The Indira Gandhi National Centre for the Arts (IGNCA) is a premier arts centre and an autonomous institute under the Ministry of Culture. In 1986, an international design competition was held where American architect Ralph Lerner’s design for the Building Complex was chosen out of 190 entries from 37 countries. The prize-winning design comprised of the following buildings: Kala Nidhi (Reference Library), Kala Kosha (Research Wing), Sutradhara (Administration), Janapada Sampada (Tribal and Folk Art Centre), Exhibition Galleries, Residential Block, Indian Theatre (seating capacity 400), National Theatre (seating capacity 1,200), and Concert Hall (seating capacity 2,000). Of these, only the Library building was built - the rest of the Master Plan was never realised.

The building that currently houses the institution was originally designed as the IGNCA library. All of the institute’s departments are shoehorned into this building. Not being designed for this purpose, the spaces are not adequate for the varied requirements of each department.

The present building needs modern infrastructure and better service integration to cater to many needs of technology and equipment-supported spaces for the Institute such as its laboratories archival rooms, special storage for archival material, documents, manuscripts, valuable art, etc. The Institute also needs comfortable workspaces, organised storage and safe electrical services. The slabs and roof of the present building are affected due to water ingress and there have been several additions and alterations for services over the years. The IGNCA needs an expanded and purpose-built facility in order to grow and flourish.

The IGNCA has been temporarily relocated to refurbished Janpath Hotel. This will have better facilities than the present IGNCA. A new purpose-built IGNCA will be constructed on the Jamnagar House plot in the C-Hexagon, opposite Hyderabad House.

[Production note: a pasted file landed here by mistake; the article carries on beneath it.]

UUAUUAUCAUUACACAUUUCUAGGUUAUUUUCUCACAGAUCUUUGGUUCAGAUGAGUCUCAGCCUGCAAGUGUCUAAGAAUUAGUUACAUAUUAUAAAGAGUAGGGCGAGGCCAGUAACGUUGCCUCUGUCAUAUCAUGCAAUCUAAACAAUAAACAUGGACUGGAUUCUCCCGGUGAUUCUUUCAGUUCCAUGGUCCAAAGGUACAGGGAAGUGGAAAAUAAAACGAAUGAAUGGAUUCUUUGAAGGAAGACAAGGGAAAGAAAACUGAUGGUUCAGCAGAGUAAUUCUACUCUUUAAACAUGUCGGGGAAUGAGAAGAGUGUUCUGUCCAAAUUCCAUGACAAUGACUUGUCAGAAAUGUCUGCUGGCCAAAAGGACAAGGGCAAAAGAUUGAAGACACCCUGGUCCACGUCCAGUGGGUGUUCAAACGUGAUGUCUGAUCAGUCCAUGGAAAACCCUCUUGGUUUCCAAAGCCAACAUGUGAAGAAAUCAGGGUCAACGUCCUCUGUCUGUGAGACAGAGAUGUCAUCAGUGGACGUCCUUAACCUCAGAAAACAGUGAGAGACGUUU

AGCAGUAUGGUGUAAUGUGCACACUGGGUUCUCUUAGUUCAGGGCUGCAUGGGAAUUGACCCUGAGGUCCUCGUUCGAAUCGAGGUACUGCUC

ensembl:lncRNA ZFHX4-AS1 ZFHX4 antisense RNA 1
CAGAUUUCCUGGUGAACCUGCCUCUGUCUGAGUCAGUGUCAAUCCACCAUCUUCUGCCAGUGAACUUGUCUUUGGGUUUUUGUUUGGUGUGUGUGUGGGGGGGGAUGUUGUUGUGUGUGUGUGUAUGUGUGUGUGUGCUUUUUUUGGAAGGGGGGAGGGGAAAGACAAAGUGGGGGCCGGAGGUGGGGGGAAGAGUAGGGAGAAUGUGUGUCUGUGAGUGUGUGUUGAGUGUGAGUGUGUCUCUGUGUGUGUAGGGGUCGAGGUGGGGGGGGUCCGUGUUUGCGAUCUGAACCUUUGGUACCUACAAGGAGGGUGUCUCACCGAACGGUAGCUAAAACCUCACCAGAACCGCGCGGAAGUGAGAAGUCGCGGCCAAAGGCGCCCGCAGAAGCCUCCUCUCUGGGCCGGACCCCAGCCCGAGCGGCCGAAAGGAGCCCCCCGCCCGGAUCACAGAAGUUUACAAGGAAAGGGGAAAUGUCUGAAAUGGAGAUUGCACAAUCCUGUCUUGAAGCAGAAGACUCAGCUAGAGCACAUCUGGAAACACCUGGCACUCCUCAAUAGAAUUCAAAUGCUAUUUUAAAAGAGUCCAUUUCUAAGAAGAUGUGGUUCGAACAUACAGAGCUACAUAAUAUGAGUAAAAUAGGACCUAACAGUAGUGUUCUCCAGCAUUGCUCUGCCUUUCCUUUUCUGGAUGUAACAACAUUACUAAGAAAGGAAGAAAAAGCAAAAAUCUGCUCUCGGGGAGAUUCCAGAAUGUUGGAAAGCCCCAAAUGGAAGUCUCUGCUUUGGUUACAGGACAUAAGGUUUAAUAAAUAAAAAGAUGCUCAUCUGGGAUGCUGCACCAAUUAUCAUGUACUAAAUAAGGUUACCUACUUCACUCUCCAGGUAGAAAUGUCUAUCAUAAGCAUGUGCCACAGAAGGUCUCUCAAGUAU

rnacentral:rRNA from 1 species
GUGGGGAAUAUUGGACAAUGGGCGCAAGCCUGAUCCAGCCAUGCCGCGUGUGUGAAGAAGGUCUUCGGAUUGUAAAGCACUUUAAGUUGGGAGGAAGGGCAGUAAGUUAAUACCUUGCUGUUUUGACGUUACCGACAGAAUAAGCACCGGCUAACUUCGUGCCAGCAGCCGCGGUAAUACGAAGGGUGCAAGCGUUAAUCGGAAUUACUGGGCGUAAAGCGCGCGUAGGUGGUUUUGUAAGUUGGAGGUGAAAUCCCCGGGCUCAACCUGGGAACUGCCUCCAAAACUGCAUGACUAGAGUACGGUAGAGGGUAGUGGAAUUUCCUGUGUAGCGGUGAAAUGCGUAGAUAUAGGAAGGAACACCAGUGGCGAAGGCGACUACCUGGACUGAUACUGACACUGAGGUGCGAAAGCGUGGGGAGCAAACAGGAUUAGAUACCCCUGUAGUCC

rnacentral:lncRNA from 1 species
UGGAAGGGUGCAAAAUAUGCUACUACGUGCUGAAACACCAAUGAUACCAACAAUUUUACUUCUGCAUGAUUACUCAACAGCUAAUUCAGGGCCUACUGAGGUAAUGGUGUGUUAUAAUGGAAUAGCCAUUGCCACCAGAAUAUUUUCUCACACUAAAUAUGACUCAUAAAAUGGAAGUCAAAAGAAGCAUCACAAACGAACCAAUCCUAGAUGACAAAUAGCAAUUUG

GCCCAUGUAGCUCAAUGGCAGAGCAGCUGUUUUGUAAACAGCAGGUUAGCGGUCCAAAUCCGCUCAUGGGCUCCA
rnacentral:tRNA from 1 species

The new buildings will have modern and sustainable facilities, equipped with upgradeable infrastructure that will support the Institute’s vision. In addition to facilities for public gatherings, exhibitions, and concerts, it will provide for the administrative and educational requirements of the Institute as well.

The documents, artefacts and collections from the IGNCA has been catalogued and carefully relocated to the Janpath Hotel, as a secure temporary holding facility. Janpath Hotel will continue to function as the temporary home for IGNCA till the new building is completed in the Jamnagar House plot, opposite Hyderabad House. Then, these collections will be carefully relocated to upgraded, purpose-built facilities in the new IGNCA building.


National Museum

The National Museum will be relocated to the magnificent North and South Blocks, reconceptualized to present the rich heritage and achievements of the nation in a modern and engaging manner. This powerful gesture, of handing the Raisina hill back to the people, demonstrates our nation’s confidence in our vibrant democracy, and puts people at its heart.

At present, the North and South Blocks house the most important ministries of the Government of India, and have been subject to several additions and modifications over the years for technological and service upgrades. After their present functions are relocated to the new Common Central Secretariat buildings, these Grade-I heritage buildings will be appropriately retrofitted and refurbished, and upgraded to world-class facilities to serve as the National Museum.

The central plaza between the two blocks will be a space for installations, where programmed performances, public activities and sensitive place-making will allow citizens and tourists to engage with the splendours of this complex, even after museum hours.


National Archives